By: MATT HUDGINS
Published: August 14, 2012
AUSTIN, Tex. — Amit Sudharshan, 28, dons shorts and flip flops to walk the two blocks from his downtown apartment here to his job as a quantitative researcher at RGM Advisors.
The high-frequency trading company based here shares a floor of the Chase Bank Tower with the more conservatively dressed workers at the offices of United States Senator John Cornyn.
Mr. Sudharshan and his wife, Megan Guse Sudharshan, are among the wave of young residents who have embraced a fledgling urban lifestyle in Texas’s capital, where Cirrus Logic recently constructed a new downtown headquarters and Facebook, Google and other high-tech employers have set up shop alongside the lobbyists, lawyers and professional service providers who have traditionally filled office space in the central business district.
The combination of a diversifying business center and Austin’s renowned entertainment scene has recently drawn an influx of young and highly educated workers downtown.
To meet their housing needs, about 500 apartments are under construction and several developers are poised to begin construction on other residential projects. But apartment buildings are not the full extent of this downtown resurgence. Several hotels are under construction, and there are plans for at least two substantial office towers and multiple mixed-use projects.
“What’s happened in downtown over the past seven years is that the office space was here, the housing came, and retail is arriving last to the scene,” said Mike Kennedy, president and chief executive of a local real estate firm, Commercial Texas.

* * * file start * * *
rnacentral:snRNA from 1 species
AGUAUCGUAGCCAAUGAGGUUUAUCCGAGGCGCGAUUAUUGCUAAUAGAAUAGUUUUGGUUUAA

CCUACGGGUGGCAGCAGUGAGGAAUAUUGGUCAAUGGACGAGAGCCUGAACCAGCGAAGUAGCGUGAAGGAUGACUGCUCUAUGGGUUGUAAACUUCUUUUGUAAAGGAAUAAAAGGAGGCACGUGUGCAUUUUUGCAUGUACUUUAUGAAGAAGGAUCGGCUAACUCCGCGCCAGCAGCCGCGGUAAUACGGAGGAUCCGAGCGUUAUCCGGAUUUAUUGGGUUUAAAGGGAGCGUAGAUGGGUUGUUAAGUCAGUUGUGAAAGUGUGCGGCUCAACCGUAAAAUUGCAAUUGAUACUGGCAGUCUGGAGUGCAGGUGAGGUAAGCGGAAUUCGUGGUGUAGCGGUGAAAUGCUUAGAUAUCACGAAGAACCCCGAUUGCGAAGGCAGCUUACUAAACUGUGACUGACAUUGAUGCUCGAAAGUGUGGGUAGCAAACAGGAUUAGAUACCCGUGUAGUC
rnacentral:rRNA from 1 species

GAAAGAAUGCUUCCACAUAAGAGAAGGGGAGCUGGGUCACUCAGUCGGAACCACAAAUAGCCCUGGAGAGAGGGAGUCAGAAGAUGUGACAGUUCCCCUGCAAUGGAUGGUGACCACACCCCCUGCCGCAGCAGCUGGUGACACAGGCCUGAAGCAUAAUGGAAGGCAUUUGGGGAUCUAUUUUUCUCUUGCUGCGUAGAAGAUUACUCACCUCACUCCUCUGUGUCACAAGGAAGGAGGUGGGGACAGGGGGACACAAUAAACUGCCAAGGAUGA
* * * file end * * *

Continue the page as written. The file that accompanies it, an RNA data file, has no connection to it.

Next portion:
Downtown residences are relatively new to Austin. Rental apartment construction started in the late 1990s, with residential condominium development following in the early 2000s. The recession curbed condo sales and is now ushering in this latest round of rental development.
The city’s central business district has about 1,500 residential condominium units and 1,500 rental apartments, according to Capitol Market Research, a real estate consulting firm here. Downtown living has proved remarkably popular, with a rental occupancy rate of almost 97 percent, nearly equal to the citywide rate of 97.8 percent, according to Capitol Market Research.
“Living downtown is great,” said Mr. Sudharshan. “We’ve gone months without driving anywhere except to go to the airport.”
Landlords are raking in profits: The citywide average monthly apartment rental rate of $1.10 a square foot is the highest in the state, and downtown apartment rents are more than twice the city average, according to Charles H. Heimsath, president of Capitol Market Research.
“Downtown has developed such a charisma that people just really want to be downtown and are willing to pay, particularly young people in the 25-34 age group,” Mr. Heimsath said.
Lenders are still cautious about condominiums, but have backed several hundred rental apartment units now under construction. Riverside Resources, a developer here, is midway through construction of Third and Brazos, a 277-unit apartment project just a block east of Congress Avenue, which runs north-south through the center of downtown.
Gables Residential is digging the foundation for Gables Park Plaza II, which is planned as a 222-unit, 18-story apartment building eight blocks west of Congress and overlooking Lady Bird Lake, a center of activity for runners and boaters.
Several other developers are prepared to begin multifamily construction in the heart of downtown, which is bound by the lake on its southern edge and the Capitol building to the north. Its general boundary on the east is Interstate 35 and on the west is MoPac Boulevard.